In mainstream history books and mainstream media articles commemorating the Iranian Revolution of 1979, only the role of the Islamic clergy in the revolution, particularly the role of Ayatollah Khomeini, tends to be highlighted. If one were to limit oneself to reading these stories it would appear that the Iranian working class hardly had a look in into those tumultuous events of February 1979.
The truth is that the 1979 revolution in Iran was a workers' revolution. Had it not been for the mobilisations of the working class, the Ayatollah and his friends would have remained in exile in France waiting for better days. Instead on February 1, 1979 Khomeini was able to return to Iran to be welcomed by a huge crowd of millions. Are we really to believe that this one man provoked and led the revolution? The truth is that he stepped into a situation that had been brewing for some time.
In the process of the rising militancy of the Iranian working class de facto Soviets, the workers' councils, were thrown up as expressions of genuine workers' power. The movement of the masses seemed all-powerful. It was so powerful that the army itself melted away, with many of the lower ranks and even some of the officers siding with the people. The once mighty regime of the Shah collapsed like a house of cards.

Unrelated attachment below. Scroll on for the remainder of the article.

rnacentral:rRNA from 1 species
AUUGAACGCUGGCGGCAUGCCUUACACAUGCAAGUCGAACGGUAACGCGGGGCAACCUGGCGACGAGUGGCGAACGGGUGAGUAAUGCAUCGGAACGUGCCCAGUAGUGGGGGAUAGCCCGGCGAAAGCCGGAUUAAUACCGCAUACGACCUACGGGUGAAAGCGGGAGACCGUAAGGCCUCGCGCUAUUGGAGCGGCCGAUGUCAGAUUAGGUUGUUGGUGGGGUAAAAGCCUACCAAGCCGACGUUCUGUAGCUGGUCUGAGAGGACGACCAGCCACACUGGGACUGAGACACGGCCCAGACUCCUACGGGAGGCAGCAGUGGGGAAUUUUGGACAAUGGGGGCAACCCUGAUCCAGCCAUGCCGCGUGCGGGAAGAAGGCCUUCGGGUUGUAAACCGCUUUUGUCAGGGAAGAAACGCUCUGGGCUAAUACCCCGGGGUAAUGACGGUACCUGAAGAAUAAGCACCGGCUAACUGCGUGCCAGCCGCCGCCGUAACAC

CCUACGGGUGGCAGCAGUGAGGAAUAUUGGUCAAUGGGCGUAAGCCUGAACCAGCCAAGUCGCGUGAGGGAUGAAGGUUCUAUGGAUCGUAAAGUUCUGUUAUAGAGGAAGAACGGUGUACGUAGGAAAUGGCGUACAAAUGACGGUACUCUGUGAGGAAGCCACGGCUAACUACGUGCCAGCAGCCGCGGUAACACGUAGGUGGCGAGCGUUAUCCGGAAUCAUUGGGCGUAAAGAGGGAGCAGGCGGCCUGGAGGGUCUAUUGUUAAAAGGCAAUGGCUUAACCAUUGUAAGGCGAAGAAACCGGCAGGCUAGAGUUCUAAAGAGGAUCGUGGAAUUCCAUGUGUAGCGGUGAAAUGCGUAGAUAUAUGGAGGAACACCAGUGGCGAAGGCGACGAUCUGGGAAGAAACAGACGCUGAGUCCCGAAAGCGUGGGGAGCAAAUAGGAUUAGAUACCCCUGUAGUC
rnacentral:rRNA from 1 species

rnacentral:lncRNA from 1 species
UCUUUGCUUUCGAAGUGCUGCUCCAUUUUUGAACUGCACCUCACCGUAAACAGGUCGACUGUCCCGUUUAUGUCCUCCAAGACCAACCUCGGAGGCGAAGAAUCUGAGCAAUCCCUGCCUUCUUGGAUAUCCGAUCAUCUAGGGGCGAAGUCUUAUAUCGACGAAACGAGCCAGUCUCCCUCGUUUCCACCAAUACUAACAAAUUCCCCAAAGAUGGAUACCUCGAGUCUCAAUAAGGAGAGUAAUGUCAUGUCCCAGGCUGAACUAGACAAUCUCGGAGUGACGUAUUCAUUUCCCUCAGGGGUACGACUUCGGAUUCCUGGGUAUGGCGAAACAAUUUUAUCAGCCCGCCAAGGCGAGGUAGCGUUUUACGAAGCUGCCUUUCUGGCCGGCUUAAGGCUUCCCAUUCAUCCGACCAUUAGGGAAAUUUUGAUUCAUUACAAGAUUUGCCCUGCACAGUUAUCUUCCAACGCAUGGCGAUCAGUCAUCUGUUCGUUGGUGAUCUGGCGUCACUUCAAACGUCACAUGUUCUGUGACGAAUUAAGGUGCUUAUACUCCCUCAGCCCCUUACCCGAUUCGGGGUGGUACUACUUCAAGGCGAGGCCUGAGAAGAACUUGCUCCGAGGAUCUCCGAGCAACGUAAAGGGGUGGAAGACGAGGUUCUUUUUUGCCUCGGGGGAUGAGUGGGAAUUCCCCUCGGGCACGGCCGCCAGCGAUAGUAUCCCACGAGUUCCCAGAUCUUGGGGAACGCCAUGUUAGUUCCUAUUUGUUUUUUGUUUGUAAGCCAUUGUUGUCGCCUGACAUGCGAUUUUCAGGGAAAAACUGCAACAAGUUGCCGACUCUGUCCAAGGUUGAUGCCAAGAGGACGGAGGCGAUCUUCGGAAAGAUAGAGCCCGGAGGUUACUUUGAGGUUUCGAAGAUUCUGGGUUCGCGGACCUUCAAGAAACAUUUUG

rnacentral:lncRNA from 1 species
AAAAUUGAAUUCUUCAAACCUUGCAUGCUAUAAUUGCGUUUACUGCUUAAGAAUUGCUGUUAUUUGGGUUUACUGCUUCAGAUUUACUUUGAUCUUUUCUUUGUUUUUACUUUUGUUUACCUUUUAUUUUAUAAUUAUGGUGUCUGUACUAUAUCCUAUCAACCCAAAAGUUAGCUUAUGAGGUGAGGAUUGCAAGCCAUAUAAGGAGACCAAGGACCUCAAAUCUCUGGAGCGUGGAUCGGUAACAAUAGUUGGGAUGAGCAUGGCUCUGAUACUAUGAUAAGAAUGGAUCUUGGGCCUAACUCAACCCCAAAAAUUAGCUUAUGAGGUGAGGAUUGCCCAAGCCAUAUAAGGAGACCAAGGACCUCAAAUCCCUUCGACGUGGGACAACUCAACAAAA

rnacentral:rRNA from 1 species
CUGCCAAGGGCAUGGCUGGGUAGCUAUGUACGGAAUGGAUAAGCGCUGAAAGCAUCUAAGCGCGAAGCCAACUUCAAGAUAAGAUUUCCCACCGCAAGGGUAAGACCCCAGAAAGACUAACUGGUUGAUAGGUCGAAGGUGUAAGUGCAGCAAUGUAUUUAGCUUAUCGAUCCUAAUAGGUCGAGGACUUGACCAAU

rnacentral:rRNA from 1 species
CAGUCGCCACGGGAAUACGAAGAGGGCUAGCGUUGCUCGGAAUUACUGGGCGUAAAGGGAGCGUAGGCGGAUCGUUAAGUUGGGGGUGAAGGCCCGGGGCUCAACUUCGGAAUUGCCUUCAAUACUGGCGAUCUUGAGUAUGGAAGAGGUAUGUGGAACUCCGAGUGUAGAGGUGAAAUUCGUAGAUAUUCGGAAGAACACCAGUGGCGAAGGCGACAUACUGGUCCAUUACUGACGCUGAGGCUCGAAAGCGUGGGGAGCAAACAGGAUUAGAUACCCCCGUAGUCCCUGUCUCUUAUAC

All the conditions existed for a rapid movement towards the setting up of a genuine workers' government in Iran. Had this materialised we would have seen a healthy workers' state being set up, the first of its kind since the Russian revolution in 1917. This would have transformed the whole balance of forces throughout the Middle East and beyond. A successful coming to power of the Iranian working class in 1979 would have marked the end of one despotic regime after another in the region, as similar conditions existed in the surrounding countries. Had this happened, the whole history of the region would have been different. It would have been the first step in the building of a genuine Socialist Federation of the Middle East.